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  • Aya
    Participant
    @thedarkstamper
    10 years, 11 months ago

    Hello everyone,

     

    After a few unsuccessful attempts to contact Boxcar Press, I am reaching out to all of you for advice! I am looking to buy my first deep relief base (for my Golding Pearl #3) and am not sure if I should cut the base into several pieces. This was the advice from another letterpress owner.

     

    For instance, let’s say I plan to create A2 size cards. Should I buy a 6″x9″ base (note: my chase size is 7″x11″) and then have them cut it in half (2, 4.5″x6″ halves) so I don’t have to worry about gnashing my gauge pins? Then when I need a larger base, I can put them back together in the chase.

     

    Has anyone else cut theirs into multiple pieces and then used them together without issue?

     

    Thanks in advance!


    Lars K
    Participant
    @larsk
    10 years, 11 months ago

    I’d recommend purchasing the 6 x 9″ base — it’s a workhorse here at Logos Graphics. I would not cut it in half as you’ll most likely lose the “squareness” of either side of the cut.As far as your gauge pins, I’d add furniture at the bottom of your chase to prevent them from hitting your base. Or, you can simply cut away the area where the gauge pin(s) meet your base, and they won’t mark your base (or if they do, it will be quite light). I use this trick all the time for the standard height Boxcar bases that I use in multiple sizes. Just make sure the pins don’t come up so far as to threaten your active art/print area.Good luck with your decision making! Feel free to ping me offline if you have any other questions about bases or plates. I make all three types of plates (standard/deep relief Boxcar-style + steel back).Lars.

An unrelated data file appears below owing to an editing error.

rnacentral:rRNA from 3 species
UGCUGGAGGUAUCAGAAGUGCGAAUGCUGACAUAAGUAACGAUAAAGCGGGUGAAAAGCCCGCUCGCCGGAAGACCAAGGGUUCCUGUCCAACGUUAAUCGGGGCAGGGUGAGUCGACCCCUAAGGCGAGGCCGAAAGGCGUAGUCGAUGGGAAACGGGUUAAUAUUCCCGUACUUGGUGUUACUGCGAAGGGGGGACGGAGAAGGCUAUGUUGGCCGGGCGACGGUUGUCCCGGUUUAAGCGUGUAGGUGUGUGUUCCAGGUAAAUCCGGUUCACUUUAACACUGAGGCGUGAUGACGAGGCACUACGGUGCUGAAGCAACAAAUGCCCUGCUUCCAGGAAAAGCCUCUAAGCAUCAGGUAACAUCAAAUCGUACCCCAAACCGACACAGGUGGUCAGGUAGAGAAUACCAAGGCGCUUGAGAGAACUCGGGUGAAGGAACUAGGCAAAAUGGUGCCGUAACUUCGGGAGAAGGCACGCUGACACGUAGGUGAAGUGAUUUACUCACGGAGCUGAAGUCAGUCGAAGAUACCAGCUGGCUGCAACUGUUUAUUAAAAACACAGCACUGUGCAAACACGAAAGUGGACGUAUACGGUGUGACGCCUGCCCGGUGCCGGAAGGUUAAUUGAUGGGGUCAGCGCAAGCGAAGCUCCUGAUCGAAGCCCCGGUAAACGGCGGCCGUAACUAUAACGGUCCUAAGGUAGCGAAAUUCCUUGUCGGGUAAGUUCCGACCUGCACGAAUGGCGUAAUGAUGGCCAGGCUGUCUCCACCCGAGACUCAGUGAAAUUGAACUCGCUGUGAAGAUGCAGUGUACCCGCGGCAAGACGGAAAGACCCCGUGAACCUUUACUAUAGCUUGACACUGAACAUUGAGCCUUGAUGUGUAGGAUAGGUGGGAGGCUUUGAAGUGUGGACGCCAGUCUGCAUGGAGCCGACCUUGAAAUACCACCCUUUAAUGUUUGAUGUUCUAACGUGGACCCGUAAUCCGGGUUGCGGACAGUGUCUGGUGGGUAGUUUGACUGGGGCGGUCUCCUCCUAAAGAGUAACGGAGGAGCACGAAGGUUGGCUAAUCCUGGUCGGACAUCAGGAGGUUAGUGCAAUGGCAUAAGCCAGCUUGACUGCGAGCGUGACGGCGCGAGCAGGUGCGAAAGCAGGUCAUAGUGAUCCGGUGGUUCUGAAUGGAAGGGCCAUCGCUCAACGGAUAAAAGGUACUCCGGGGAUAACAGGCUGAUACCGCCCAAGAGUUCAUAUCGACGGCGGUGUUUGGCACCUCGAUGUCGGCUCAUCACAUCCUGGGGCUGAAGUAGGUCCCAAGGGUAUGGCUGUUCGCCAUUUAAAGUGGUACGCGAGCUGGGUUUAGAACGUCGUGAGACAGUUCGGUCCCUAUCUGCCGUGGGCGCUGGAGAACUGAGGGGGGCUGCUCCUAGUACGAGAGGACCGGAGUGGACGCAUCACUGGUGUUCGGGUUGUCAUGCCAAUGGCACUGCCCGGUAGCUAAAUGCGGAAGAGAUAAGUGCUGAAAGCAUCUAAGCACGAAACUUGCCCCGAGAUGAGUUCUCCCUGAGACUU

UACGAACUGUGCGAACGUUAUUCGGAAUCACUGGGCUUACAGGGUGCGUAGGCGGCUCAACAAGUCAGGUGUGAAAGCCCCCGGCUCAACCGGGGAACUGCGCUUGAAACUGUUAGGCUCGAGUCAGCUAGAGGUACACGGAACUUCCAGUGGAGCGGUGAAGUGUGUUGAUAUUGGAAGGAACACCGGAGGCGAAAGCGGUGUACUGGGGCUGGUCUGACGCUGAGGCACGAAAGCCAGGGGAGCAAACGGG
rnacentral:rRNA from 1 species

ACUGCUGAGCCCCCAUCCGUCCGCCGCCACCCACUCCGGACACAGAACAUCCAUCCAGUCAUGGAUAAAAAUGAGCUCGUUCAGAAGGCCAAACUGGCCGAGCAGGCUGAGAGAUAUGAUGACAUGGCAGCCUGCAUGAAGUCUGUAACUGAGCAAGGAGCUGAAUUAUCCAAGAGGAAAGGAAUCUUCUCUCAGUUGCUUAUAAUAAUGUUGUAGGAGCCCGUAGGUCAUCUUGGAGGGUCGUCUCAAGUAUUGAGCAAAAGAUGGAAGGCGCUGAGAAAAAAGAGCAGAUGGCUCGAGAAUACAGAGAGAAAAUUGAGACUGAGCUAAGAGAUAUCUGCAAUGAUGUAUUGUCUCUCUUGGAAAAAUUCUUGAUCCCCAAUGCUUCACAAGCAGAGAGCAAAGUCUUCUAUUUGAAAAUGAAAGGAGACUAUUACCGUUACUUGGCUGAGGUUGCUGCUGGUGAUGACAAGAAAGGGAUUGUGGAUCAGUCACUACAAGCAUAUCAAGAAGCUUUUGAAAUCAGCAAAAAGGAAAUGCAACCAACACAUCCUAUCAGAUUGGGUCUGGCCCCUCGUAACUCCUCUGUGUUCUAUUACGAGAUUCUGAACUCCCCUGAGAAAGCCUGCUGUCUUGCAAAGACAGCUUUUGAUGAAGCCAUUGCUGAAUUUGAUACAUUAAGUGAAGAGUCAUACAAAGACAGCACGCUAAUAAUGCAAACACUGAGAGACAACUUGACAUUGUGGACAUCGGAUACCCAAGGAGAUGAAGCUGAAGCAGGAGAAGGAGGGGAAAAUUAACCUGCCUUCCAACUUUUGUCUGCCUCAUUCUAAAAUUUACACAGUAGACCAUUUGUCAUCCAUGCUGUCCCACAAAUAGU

Jennifer Weisgerber
    Participant
    @jenniferweisgerber
    10 years, 11 months ago

    We print A2 and A6 cards on our 8×12 C&P and have not cut our base. We merely cut the paper after printing instead of before. It’s a little more labor intensive but, as I understand it, most people with platen presses do it this way. Also, it doesn’t limit us if we print something else like a larger print. We hope to graduate to a windmill soon in which case we can cut the paper first. Good luck!


    Lars K
    Participant
    @larsk
    10 years, 8 months ago

    Hi Dark Stamper,

     

    There are a coupla ways to look at it:

     

    – You can simply move the base up a few picas to avoid the gauge pins on your press.

     

    – You can also contact a local machinist and have them make a simple smaller base for you out of aluminum. We’ve done this for our large Heidelberg KS cylinder press, which takes a much larger base size than Boxcar carries.

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